Sunday, May 31, 2009

STI: Vaccinate kids before travel and preschool

May 28, 2009

Raising healthy kids

Vaccinate kids before travel and preschool

Consequences of not immunising kids are severe and may even lead to death. HUANG HUIFEN reports


Passport? Check. Swimming costumes and goggles? Check. Two weeks' worth of diapers? Check. Influenza, hepatitis A and typhoid vaccinations? Huh?


While parents often have a checklist of what they need to pack for their children for the family vacation, vaccinations for their kids against common diseases such as influenza, hepatitis A and typhoid may slip their minds.


Paediatricians here say it is important to get kids vaccinated to prevent infections which may be caught from consuming contaminated food and water, or being in countries with high attack rates of a certain disease.


In countries where there is a lack of clean sterilised water and hygienic food, typhoid and hepatitis A vaccinations are recommended, said Dr Thoon Koh Cheng, an associate consultant of the Infectious Disease Service at the department of paediatric medicine at KK Women's and Children's Hospital. Places with a high incidence of typhoid fever include Indonesia, India, Pakistan and central Africa.


Dr Ang Ai Tin, a paediatrician from the Paediatric Centre at Thomson Medical Centre, recommends the influenza vaccine when travelling to a country during winter. This is because the influenza virus spreads more easily in cold and low-humidity climates.


'With the lack of sunlight, the low melatonin secretion and low vitamin D levels may lower one's immunity and increase one's risk of catching the flu virus. During winter, people also tend to stay indoors and the close proximity to other people increases the risk of the spread of the virus,' she said.


Vacations aside, many Singaporeans are now posted overseas for work together with their families. So, what vaccinations should parents get for their kids before the move?


'In addition to ensuring that all the nationally required vaccinations are given, other vaccines that should also be considered include hepatitis A, typhoid, Japanese encephalitis, rabies, yellow fever and the meningococcal vaccine,' said Dr Thoon.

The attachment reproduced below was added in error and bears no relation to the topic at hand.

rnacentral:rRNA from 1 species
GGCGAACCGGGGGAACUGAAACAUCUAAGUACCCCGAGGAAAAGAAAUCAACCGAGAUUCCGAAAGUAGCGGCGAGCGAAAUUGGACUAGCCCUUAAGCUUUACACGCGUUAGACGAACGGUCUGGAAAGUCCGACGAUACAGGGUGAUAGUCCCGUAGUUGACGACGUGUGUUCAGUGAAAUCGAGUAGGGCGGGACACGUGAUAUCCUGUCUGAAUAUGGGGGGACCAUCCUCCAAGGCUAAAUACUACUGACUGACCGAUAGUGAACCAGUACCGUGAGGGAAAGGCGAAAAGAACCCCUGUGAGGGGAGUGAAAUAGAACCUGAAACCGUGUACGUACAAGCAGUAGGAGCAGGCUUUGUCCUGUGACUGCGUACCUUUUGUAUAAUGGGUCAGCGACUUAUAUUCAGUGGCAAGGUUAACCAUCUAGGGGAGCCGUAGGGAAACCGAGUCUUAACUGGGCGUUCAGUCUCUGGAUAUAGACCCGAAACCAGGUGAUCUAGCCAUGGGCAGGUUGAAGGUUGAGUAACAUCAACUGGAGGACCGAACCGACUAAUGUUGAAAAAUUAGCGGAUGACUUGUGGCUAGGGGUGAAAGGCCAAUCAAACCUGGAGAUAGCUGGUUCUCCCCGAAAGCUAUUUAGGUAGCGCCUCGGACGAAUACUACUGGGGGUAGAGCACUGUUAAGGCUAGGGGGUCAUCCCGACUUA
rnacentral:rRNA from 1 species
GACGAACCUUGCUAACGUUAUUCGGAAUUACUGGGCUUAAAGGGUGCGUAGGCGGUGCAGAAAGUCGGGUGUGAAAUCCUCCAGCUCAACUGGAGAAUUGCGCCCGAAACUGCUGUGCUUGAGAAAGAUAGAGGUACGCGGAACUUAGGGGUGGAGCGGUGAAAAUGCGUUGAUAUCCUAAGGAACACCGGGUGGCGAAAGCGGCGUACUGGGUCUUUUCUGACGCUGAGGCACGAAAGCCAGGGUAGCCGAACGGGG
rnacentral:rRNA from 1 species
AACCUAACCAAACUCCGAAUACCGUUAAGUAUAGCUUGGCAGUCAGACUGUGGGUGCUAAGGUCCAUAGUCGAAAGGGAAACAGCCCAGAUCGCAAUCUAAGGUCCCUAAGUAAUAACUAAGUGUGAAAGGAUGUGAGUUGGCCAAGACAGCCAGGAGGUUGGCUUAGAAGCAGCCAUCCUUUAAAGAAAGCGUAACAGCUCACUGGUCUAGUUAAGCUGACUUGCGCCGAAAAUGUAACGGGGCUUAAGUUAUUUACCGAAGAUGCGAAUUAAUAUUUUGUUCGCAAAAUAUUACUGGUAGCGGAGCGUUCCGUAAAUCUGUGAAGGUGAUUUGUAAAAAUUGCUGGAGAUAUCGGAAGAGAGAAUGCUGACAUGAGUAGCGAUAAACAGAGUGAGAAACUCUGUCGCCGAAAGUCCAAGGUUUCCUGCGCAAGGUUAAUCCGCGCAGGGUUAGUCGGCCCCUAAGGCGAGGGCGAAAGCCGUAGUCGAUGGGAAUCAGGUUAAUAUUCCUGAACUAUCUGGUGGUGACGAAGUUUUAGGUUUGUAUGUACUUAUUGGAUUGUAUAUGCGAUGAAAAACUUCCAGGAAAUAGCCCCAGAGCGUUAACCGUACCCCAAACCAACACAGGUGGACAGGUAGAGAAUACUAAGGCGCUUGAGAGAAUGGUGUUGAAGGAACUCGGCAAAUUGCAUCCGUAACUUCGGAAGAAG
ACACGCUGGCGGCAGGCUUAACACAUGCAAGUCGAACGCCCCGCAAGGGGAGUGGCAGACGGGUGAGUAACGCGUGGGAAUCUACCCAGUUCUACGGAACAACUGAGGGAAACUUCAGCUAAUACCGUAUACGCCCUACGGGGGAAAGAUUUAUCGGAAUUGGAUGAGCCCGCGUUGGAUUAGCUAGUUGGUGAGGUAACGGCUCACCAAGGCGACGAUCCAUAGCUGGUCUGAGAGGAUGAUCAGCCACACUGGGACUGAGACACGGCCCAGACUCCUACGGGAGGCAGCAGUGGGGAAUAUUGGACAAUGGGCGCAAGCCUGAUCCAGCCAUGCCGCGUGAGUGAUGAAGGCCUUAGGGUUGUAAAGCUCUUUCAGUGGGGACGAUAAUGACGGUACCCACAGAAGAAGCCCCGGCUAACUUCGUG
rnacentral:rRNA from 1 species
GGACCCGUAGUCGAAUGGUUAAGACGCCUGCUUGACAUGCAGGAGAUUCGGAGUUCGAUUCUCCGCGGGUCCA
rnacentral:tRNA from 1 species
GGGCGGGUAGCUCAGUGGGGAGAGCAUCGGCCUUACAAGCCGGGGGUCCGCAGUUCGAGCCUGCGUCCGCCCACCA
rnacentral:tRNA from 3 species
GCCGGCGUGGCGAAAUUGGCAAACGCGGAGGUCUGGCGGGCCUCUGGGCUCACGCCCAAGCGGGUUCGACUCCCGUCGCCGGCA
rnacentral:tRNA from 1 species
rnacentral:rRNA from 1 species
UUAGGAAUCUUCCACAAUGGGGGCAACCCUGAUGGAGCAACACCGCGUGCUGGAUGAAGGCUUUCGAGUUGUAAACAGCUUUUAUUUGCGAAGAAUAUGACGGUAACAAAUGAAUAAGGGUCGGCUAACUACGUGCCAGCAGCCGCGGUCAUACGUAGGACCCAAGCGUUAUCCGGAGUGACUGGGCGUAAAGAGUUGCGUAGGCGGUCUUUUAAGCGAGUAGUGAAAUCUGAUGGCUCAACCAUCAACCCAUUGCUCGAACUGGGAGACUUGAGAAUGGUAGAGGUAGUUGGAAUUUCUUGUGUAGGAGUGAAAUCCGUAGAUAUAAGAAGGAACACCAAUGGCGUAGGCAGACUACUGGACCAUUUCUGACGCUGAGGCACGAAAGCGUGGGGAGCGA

He cautioned that young patients may react to the vaccines which include pain, swelling, redness and a sore arm. They may also develop a fever and feel lethargic or general weakness (malaise). He advised parents to plan vaccinations well ahead of departure dates.


'The last dose in a vaccine series should be given seven to 14 days prior to travel, both to watch for side effects and for maximal protection to set in,' he said.


Parents should also take note of what children should be immunised against before they start playschool at the age of three.


Dr Ang recommends that on top of the vaccinations listed in the National Immunisation Schedule, kids should be given the haemophilus influenza type B vaccine, rotarix against the rotavirus - the most common cause of intestinal viral infections resulting in diarrhoea and/or vomitting especially in kids aged five and below - prevenar against pneumococcal disease, chickenpox vaccine and other influenza vaccinations. Influenza jabs are especially important for children with asthma.


The consequences of not giving these vaccinations are severe and may even lead to death, warned Dr Thoon.


He added that when travelling abroad, everyone in the family can protect himself by using insect repellants, avoiding close contact with animals and watching what he eats. Avoid using tap water overseas even for activities like brushing teeth.


Lastly, always seek medical advice before travelling.




At birth: BCG against tuberculosis; first dose against hepatitis B


1 month: Second dose against hepatitis B


3 months: First dose against diphtheria, pertussis and tetanus (DPT/DT); first dose against poliomyelitis (Oral Sabin)


4 months: Second dose of DPT/DT; second dose of Oral Sabin


5 months: Third dose of DPT/DT; third dose of Oral Sabin


5-6 months: Third dose against hepatitis B


1-2 years: Primary dose against measles, mumps and rubella (MMR)


18 months: First DPT/DT booster; first Oral Sabin booster


6-7 years (Primary 1): Second Oral Sabin booster; MMR booster dose


10-11 years (Primary 5): Second booster of DT-containing vaccine; third Oral Sabin booster


Source: Health Promotion Board


The last dose in a vaccine series should be given 7 to 14 days prior to travel

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